Review of the Brondell S1000


Finish this sentence, “once you go _______, you never go back.”

It’s true!  Once you go BIDET, you never go back.  In the United States, you can go through your entire life and never encounter a bidet.  Heck, I never encountered a bidet until I moved to Japan in my 30s.  And even then, I avoided them when I could until one day, I was forced to face my fears.  At first, it was a little intimidating considering all the buttons labeled in kanji, the mechanical sounds, and the stainless steel wand that jets out to shoot water on you.  Oh, and let us not forget that there is water running through a toilet seat that is also plugged into an outlet (yes, an outlet is required for the Brondell S1000)!  Once I got over my fear of the unknown, I pushed a button labeled in Japanese, and seconds later, was pleasantly surprised.  After that beautiful experience, I was sold.

Since then, I have used hundreds of different washlets (what the Japanese call a bidet) while I lived in Japan.  At home, I’m the proud owner of two Japanese washlets (Panasonic DL-WH60 and the DL-WE60).   For a mid-priced washlet (as of Dec 10, 2017, $450 on amazon.  For a limited time, $299 at Costco, then $499) you get a decent amount of premiere features that are found on the best industry brands (Toto and Panasonic).  And for that reason, I picked one up from Costco for $299.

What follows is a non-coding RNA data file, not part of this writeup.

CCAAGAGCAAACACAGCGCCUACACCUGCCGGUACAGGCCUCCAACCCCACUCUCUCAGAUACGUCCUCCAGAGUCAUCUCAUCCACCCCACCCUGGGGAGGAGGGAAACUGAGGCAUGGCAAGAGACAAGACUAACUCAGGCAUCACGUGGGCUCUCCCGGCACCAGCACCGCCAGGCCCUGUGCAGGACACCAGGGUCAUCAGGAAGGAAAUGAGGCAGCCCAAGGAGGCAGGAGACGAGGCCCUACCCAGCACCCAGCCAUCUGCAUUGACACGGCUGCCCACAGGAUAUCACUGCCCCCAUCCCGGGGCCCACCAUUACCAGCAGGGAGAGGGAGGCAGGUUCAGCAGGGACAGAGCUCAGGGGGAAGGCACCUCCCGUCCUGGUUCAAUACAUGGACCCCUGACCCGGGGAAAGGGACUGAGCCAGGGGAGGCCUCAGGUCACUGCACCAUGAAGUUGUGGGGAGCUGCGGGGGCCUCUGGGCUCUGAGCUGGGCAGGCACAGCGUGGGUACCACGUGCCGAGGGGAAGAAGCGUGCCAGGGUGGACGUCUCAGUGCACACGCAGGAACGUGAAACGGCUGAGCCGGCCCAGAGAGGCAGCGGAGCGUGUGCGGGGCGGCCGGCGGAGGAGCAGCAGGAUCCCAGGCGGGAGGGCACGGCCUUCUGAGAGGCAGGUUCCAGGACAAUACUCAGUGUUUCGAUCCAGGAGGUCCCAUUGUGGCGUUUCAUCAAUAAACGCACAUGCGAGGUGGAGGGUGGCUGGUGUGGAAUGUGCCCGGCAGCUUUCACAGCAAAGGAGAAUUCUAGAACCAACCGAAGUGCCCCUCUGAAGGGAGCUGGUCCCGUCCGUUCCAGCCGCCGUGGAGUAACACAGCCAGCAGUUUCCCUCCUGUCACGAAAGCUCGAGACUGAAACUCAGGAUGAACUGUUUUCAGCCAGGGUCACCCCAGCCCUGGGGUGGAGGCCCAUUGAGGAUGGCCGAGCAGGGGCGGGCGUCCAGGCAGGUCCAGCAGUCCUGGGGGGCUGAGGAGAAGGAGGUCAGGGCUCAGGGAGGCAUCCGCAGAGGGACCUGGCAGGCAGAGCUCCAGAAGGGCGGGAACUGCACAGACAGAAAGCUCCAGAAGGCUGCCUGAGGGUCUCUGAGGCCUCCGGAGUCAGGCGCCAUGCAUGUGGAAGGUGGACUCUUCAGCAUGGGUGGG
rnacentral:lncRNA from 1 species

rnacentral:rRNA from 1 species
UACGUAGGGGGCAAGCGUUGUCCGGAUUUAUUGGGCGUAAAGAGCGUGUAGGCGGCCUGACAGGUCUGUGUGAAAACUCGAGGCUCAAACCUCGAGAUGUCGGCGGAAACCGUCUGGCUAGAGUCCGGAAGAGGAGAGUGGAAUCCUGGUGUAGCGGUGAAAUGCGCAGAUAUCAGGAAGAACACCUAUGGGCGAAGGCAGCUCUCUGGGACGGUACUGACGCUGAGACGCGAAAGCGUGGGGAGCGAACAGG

The washlet was completely installed in about 20 minutes.  I’m not a plumber.  I’ve installed two washlets prior to this one, and the first two were installed without the ability to read the instructions, which were written in Japanese.  The Brondell S1000 was installed on an American Standard Elongated Champion without a hitch.

When you’ve had your bum on the best the planet has to offer, you really don’t want second best.  The things that were immediately noticeable in comparison to my Japanese washlets were:

  1. The seat and water temperature does not warm as fast.  This is not a big deal if you live in a warm climate.
  2. The seat and water temperature do not get as hot.  I’ve come to enjoy the maximum hot setting on my washlets, but some might find it uncomfortable.  Not a big deal, but it’s there if I want it.
  3. The adjustable warm air dryer performs just as well as the expensive models (if you intend to dry your bum only using the air dryer, hell will freeze over before it dries).
  4. The air deodorizer is not as effective as I’m used to,
  5. The wash spray seemed noisier than I am used to,
  6. The width adjustment on the wash spray was just as good, if not better.

THE BOTTOM LINE: The Brondell S1000 is a steal at $299, and a good value at $450.  In a household of 5, there have been no complaints.  My wife said, “it’s good.”  My 4 year old son said “it’s warm.” And the only thing my 5 year old son asked was “how do you open the lid?”  It seems like a silly question, but our Japanese washlets will lift the lid when you trip a sensor and then close automatically.  But, for less than half the price of our Japanese washlets and with most of our favorite features we will keep it.






Leave a Reply

Please log in using one of these methods to post your comment: Logo

You are commenting using your account. Log Out /  Change )

Google+ photo

You are commenting using your Google+ account. Log Out /  Change )

Twitter picture

You are commenting using your Twitter account. Log Out /  Change )

Facebook photo

You are commenting using your Facebook account. Log Out /  Change )

Connecting to %s